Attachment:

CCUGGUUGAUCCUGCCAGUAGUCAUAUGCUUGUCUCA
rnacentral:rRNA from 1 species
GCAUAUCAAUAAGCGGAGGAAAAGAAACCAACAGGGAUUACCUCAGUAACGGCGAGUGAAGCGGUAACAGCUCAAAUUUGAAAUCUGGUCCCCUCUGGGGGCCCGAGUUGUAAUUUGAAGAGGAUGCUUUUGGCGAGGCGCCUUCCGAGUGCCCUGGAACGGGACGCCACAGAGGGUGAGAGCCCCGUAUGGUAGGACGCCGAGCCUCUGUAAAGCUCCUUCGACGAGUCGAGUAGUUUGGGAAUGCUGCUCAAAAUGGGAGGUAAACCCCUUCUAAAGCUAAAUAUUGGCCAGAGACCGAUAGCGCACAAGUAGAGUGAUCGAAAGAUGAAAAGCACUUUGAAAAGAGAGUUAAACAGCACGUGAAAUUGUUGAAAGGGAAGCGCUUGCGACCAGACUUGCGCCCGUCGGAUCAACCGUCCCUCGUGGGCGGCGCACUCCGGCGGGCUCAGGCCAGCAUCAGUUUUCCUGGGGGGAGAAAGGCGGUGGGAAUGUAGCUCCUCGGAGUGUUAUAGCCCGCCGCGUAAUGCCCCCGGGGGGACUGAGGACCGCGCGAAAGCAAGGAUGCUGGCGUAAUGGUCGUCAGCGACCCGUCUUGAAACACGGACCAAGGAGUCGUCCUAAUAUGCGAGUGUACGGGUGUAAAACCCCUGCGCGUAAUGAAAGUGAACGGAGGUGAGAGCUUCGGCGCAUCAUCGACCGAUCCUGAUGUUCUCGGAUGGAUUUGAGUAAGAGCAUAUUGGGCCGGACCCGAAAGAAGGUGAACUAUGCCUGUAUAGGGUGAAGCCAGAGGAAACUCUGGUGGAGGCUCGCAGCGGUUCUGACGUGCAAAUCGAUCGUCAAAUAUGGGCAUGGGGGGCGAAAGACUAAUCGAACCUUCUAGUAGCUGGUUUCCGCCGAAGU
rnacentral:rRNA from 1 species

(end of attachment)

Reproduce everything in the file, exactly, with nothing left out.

CCUGGUUGAUCCUGCCAGUAGUCAUAUGCUUGUCUCA
rnacentral:rRNA from 1 species
GCAUAUCAAUAAGCGGAGGAAAAGAAACCAACAGGGAUUACCUCAGUAACGGCGAGUGAAGCGGUAACAGCUCAAAUUUGAAAUCUGGUCCCCUCUGGGGGCCCGAGUUGUAAUUUGAAGAGGAUGCUUUUGGCGAGGCGCCUUCCGAGUGCCCUGGAACGGGACGCCACAGAGGGUGAGAGCCCCGUAUGGUAGGACGCCGAGCCUCUGUAAAGCUCCUUCGACGAGUCGAGUAGUUUGGGAAUGCUGCUCAAAAUGGGAGGUAAACCCCUUCUAAAGCUAAAUAUUGGCCAGAGACCGAUAGCGCACAAGUAGAGUGAUCGAAAGAUGAAAAGCACUUUGAAAAGAGAGUUAAACAGCACGUGAAAUUGUUGAAAGGGAAGCGCUUGCGACCAGACUUGCGCCCGUCGGAUCAACCGUCCCUCGUGGGCGGCGCACUCCGGCGGGCUCAGGCCAGCAUCAGUUUUCCUGGGGGGAGAAAGGCGGUGGGAAUGUAGCUCCUCGGAGUGUUAUAGCCCGCCGCGUAAUGCCCCCGGGGGGACUGAGGACCGCGCGAAAGCAAGGAUGCUGGCGUAAUGGUCGUCAGCGACCCGUCUUGAAACACGGACCAAGGAGUCGUCCUAAUAUGCGAGUGUACGGGUGUAAAACCCCUGCGCGUAAUGAAAGUGAACGGAGGUGAGAGCUUCGGCGCAUCAUCGACCGAUCCUGAUGUUCUCGGAUGGAUUUGAGUAAGAGCAUAUUGGGCCGGACCCGAAAGAAGGUGAACUAUGCCUGUAUAGGGUGAAGCCAGAGGAAACUCUGGUGGAGGCUCGCAGCGGUUCUGACGUGCAAAUCGAUCGUCAAAUAUGGGCAUGGGGGGCGAAAGACUAAUCGAACCUUCUAGUAGCUGGUUUCCGCCGAAGU
rnacentral:rRNA from 1 species